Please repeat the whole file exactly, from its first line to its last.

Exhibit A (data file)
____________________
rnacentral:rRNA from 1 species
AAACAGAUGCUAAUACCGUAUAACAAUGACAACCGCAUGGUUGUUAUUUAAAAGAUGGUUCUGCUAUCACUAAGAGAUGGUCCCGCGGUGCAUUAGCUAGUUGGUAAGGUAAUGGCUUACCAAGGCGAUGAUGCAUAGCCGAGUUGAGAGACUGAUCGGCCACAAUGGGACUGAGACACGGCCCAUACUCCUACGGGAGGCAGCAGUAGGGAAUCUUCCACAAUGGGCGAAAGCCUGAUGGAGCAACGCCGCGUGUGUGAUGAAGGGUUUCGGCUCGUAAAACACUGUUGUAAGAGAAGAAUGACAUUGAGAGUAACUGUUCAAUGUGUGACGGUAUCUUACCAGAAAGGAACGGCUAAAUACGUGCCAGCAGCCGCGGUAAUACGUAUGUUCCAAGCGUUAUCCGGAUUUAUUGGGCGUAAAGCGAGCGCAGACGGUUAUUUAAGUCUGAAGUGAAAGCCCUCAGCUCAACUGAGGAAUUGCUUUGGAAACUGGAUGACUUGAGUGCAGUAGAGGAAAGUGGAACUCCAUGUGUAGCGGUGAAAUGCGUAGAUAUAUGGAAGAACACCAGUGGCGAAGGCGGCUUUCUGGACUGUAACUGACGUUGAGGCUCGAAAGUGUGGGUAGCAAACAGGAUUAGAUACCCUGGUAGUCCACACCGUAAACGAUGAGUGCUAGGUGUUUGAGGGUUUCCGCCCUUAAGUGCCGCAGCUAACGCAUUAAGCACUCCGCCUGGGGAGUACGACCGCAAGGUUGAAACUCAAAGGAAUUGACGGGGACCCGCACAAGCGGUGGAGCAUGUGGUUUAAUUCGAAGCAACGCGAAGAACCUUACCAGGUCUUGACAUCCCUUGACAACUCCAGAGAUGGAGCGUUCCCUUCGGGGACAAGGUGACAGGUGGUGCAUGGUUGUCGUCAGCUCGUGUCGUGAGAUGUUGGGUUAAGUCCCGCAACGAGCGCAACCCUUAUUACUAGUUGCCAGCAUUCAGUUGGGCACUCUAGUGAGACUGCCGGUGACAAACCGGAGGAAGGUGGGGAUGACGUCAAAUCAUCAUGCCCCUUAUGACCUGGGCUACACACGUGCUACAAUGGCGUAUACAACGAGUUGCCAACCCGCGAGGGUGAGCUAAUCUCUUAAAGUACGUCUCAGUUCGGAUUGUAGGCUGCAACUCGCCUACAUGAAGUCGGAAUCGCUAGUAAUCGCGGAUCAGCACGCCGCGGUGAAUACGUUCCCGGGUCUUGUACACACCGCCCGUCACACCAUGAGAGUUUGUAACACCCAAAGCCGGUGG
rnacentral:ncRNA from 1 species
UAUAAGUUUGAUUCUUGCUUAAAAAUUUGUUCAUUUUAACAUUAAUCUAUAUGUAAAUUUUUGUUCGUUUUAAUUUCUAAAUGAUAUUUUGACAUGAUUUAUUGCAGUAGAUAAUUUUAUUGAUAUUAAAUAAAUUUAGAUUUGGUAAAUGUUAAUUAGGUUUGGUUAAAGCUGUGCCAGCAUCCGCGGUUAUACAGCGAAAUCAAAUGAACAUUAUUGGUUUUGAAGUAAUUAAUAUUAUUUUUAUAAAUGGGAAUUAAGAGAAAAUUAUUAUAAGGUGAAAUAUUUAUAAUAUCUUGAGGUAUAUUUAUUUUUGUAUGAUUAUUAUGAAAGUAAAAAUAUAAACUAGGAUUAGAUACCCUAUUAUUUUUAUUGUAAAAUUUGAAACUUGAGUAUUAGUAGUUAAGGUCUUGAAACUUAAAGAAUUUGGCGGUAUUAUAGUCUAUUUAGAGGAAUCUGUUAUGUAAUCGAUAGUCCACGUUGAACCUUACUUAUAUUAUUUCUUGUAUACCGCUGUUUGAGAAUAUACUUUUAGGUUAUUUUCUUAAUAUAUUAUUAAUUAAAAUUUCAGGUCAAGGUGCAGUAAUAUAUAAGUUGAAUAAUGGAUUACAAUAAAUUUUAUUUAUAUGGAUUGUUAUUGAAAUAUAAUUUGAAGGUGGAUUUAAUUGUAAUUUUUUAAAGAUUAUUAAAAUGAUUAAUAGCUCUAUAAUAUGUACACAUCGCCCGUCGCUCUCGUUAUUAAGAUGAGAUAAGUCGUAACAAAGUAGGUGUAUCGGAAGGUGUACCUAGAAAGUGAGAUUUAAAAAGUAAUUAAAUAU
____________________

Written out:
rnacentral:rRNA from 1 species
AAACAGAUGCUAAUACCGUAUAACAAUGACAACCGCAUGGUUGUUAUUUAAAAGAUGGUUCUGCUAUCACUAAGAGAUGGUCCCGCGGUGCAUUAGCUAGUUGGUAAGGUAAUGGCUUACCAAGGCGAUGAUGCAUAGCCGAGUUGAGAGACUGAUCGGCCACAAUGGGACUGAGACACGGCCCAUACUCCUACGGGAGGCAGCAGUAGGGAAUCUUCCACAAUGGGCGAAAGCCUGAUGGAGCAACGCCGCGUGUGUGAUGAAGGGUUUCGGCUCGUAAAACACUGUUGUAAGAGAAGAAUGACAUUGAGAGUAACUGUUCAAUGUGUGACGGUAUCUUACCAGAAAGGAACGGCUAAAUACGUGCCAGCAGCCGCGGUAAUACGUAUGUUCCAAGCGUUAUCCGGAUUUAUUGGGCGUAAAGCGAGCGCAGACGGUUAUUUAAGUCUGAAGUGAAAGCCCUCAGCUCAACUGAGGAAUUGCUUUGGAAACUGGAUGACUUGAGUGCAGUAGAGGAAAGUGGAACUCCAUGUGUAGCGGUGAAAUGCGUAGAUAUAUGGAAGAACACCAGUGGCGAAGGCGGCUUUCUGGACUGUAACUGACGUUGAGGCUCGAAAGUGUGGGUAGCAAACAGGAUUAGAUACCCUGGUAGUCCACACCGUAAACGAUGAGUGCUAGGUGUUUGAGGGUUUCCGCCCUUAAGUGCCGCAGCUAACGCAUUAAGCACUCCGCCUGGGGAGUACGACCGCAAGGUUGAAACUCAAAGGAAUUGACGGGGACCCGCACAAGCGGUGGAGCAUGUGGUUUAAUUCGAAGCAACGCGAAGAACCUUACCAGGUCUUGACAUCCCUUGACAACUCCAGAGAUGGAGCGUUCCCUUCGGGGACAAGGUGACAGGUGGUGCAUGGUUGUCGUCAGCUCGUGUCGUGAGAUGUUGGGUUAAGUCCCGCAACGAGCGCAACCCUUAUUACUAGUUGCCAGCAUUCAGUUGGGCACUCUAGUGAGACUGCCGGUGACAAACCGGAGGAAGGUGGGGAUGACGUCAAAUCAUCAUGCCCCUUAUGACCUGGGCUACACACGUGCUACAAUGGCGUAUACAACGAGUUGCCAACCCGCGAGGGUGAGCUAAUCUCUUAAAGUACGUCUCAGUUCGGAUUGUAGGCUGCAACUCGCCUACAUGAAGUCGGAAUCGCUAGUAAUCGCGGAUCAGCACGCCGCGGUGAAUACGUUCCCGGGUCUUGUACACACCGCCCGUCACACCAUGAGAGUUUGUAACACCCAAAGCCGGUGG
rnacentral:ncRNA from 1 species
UAUAAGUUUGAUUCUUGCUUAAAAAUUUGUUCAUUUUAACAUUAAUCUAUAUGUAAAUUUUUGUUCGUUUUAAUUUCUAAAUGAUAUUUUGACAUGAUUUAUUGCAGUAGAUAAUUUUAUUGAUAUUAAAUAAAUUUAGAUUUGGUAAAUGUUAAUUAGGUUUGGUUAAAGCUGUGCCAGCAUCCGCGGUUAUACAGCGAAAUCAAAUGAACAUUAUUGGUUUUGAAGUAAUUAAUAUUAUUUUUAUAAAUGGGAAUUAAGAGAAAAUUAUUAUAAGGUGAAAUAUUUAUAAUAUCUUGAGGUAUAUUUAUUUUUGUAUGAUUAUUAUGAAAGUAAAAAUAUAAACUAGGAUUAGAUACCCUAUUAUUUUUAUUGUAAAAUUUGAAACUUGAGUAUUAGUAGUUAAGGUCUUGAAACUUAAAGAAUUUGGCGGUAUUAUAGUCUAUUUAGAGGAAUCUGUUAUGUAAUCGAUAGUCCACGUUGAACCUUACUUAUAUUAUUUCUUGUAUACCGCUGUUUGAGAAUAUACUUUUAGGUUAUUUUCUUAAUAUAUUAUUAAUUAAAAUUUCAGGUCAAGGUGCAGUAAUAUAUAAGUUGAAUAAUGGAUUACAAUAAAUUUUAUUUAUAUGGAUUGUUAUUGAAAUAUAAUUUGAAGGUGGAUUUAAUUGUAAUUUUUUAAAGAUUAUUAAAAUGAUUAAUAGCUCUAUAAUAUGUACACAUCGCCCGUCGCUCUCGUUAUUAAGAUGAGAUAAGUCGUAACAAAGUAGGUGUAUCGGAAGGUGUACCUAGAAAGUGAGAUUUAAAAAGUAAUUAAAUAU